“I’ve got some things to say,” Frances McDormand announced to the room full of A-list actors as she accepted the Oscar for Best Actress.
Did she ever. After the initial thank yous, McDormand didn’t use the allotted time to ramble about her accomplishments or co-stars, but to “give some perspective” to the audience on the inequality and erasure of minorities in Hollywood films.
After urging the female nominees in every category stand up, she asked the audience to “Look around…because we all have stories to tell and projects we need financed”. She ended the speech with a phrase which to most seemed cryptic; “inclusion. Rider”, which refers to a TED talk by Dr Stacy Smith, whose talk ‘The data behind Hollywood’s sexism’ addresses the statistics behind the relative invisibility of minorities in mainstream film.
Stacy’s talk paints a bleak picture of the state of this inequality. In her study of the top 100 movies of the year, Stacy and her colleagues note down every minority character – including women, people of colour, LGBT+ characters, and those with disabilities – that speaks in a movie, with a minimum of a single word. From 2007 to 2015, the team watched 800 movies. The team found that with a total of 35,205 characters, less than a third of speaking roles go to females. They found that of the 800 films watched, 48 had no black or African American females, 70 had no Asian or Asian American females, 84 had no females depicted with a disability, and 93 had no lesbian, bisexual or transgender female speaking characters. As Stacy informs the audience, “This is not underrepresentation. This is erasure.”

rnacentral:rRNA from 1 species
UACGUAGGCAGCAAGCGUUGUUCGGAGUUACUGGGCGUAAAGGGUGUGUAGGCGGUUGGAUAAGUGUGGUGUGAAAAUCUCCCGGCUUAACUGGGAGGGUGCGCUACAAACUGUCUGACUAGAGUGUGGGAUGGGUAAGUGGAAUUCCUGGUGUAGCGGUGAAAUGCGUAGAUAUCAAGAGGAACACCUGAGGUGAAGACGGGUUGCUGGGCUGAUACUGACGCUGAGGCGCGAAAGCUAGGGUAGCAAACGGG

Despite the depressing statistics, Stacy urges her audience not to be complacent. She presents a simple solution; If the top 100 films a year added just five speaking female roles to each, in just three years, we would achieve gender parity in film. It seems like a low bar to set and would surely make a noticeable difference in women’s representation in film.
Whether the film industry achieves this or not is yet to be seen, but Frances McDormand certainly made an impact in her emotional call to arms for Hollywood to do a better job of featuring women and giving them a voice.
Nowhere mocks the Oscars quite like Twitter! Did you see Macaulay Culkin’s Live-tweets?